Last week, a Buzzfeed Community user posted an article written by an Odyssey Content Creator critiquing some of the major changes to Odyssey's business model over the past year, in regards to their impacts on creators. (She claims that Odyssey refused to publish the piece, where it was originally submitted, due to its negative representation of the company, a claim that I cannot definitively speak to one way or the other without personal knowledge of her experience.)
This story sparked a dialogue at our UC Santa Cruz Odyssey chapter regarding our take on some of these same changes, which, let me tell, there have been many of over the past 10+ months that I have been a contributor. Overall, many of us had similar complaints about the typical failings of bureaucracy (especially in online journalism) due to indirect communication with creators about these changes. For example, when Odyssey decided to stop having individual Facebook pages for each chapter in favor of one official Odyssey page, only those in charge of social media in each chapter were alerted. In the end, the logic behind shutting down all these extraneous pages--streamlining our online presence and increasing efficiency by reducing the need for oversight--was solid, but the way it was handled created an atmosphere of distrust. Some were left questioning if it was the best decision as a result of poor execution when those worries could have been put to rest with better communication and roll-out of the plan.
But despite concerns over the lack of transparency around big changes, we actually did not have too great of a problem with the changes themselves; overall, Odyssey, as a young company, must change constantly, often times bettering itself as it finds its increasingly solid footing. And with this realization, we all seemed to conclude (with the help of some clarification regarding Odyssey inner-workings from our fantastic Managing Editor) that such changes, while occasionally annoying, did not impact our ability to write or the freedom we have in regards to what we are writing. And this got me thinking about why I, nearly a year and a college degree later, am still writing every week for Odyssey.
For those of you that do not know, Odyssey writers and their articles are managed by editor-in-chiefs at the college campus level, through the use of campus chapters. Consequently, when you graduate from your college and leave your chapter, most people stop writing. But this very week I will be graduating from the University of California at Santa Cruz, and just next week I will be publishing my first article with Odyssey outside of my previous chapter. That's right, I have decided that even once I have completed my obligation to Odyssey that I want to continue contributing to their content creation.
Well, for one, each week at Odyssey, I get complete creative control over what I want to write, how I want to write it, how I want to promote it online, etc. I get feedback from my editors and peers, but if I want to say "screw it!" almost no topics are off the table. While this has allowed me, personally, to focus on creating professional, journalistic content about politics, the arts, and culture, it has also given me the opportunity to experiment with a number of new writing styles and content. The freedom I am allowed with every second I invest in this brand is astounding; I own my own content, Odyssey does not, which is less than can be said for most universities, even. I have the opportunity to be paid, or get free publicity if my article is recommended in relation to another piece or is chosen to be shared on any official Odyssey social media accounts. Those systems aren't perfect (for example, I don't think I have ever had an article on an official account, and I've only been paid $20 a handful of times), but they show Odyssey's vested interested in its writers and the potential success of their work.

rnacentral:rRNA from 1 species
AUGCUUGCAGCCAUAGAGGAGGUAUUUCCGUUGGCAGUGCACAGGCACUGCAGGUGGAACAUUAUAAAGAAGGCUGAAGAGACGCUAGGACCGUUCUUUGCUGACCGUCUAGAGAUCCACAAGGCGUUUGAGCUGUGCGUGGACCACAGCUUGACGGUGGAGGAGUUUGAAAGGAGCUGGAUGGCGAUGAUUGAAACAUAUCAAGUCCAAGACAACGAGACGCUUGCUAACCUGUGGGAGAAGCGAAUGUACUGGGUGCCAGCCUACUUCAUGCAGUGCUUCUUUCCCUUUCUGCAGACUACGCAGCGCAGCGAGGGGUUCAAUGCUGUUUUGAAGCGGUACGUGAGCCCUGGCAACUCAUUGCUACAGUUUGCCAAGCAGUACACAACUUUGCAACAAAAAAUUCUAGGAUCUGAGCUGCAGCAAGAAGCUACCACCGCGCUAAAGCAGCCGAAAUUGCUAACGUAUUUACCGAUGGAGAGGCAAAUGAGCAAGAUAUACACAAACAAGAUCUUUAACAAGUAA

And as far as writing experience goes, this past year as been invaluable, giving me a better understanding of creating digital content with searchable keywords, metadata, images, and links. Now that I have graduated and am applying for journalistic positions in the infamous "real world," I feel ahead of the curve, with a year's worth of digital content creation under my belt. I'm well versed in topic creation and research; social media and online platform sharing and utilization; and digital writing, editing, and proofreading. And I have a single website that links to every published article I have written, which makes filling out job applications and selecting writing samples a breeze.
Odyssey isn't perfect--no new digital publishing platform would be--but their general model of providing a space for diverse millennial voices to be heard is admirable. In fact, any attempt to democratize content and where it comes from in our world of corporate media should be admirable. Where else could I, at 21 with little journalistic or writing experience, have been published over twenty times? Not at any other publication. Where else could I have achieved hundreds of hits on a single piece? Not if I was writing on my own blog. This is the give-and-take of doing what you love as a career, I may be giving more than I'd like occasionally, but from the mouth of a graduate, I have taken with me so much more.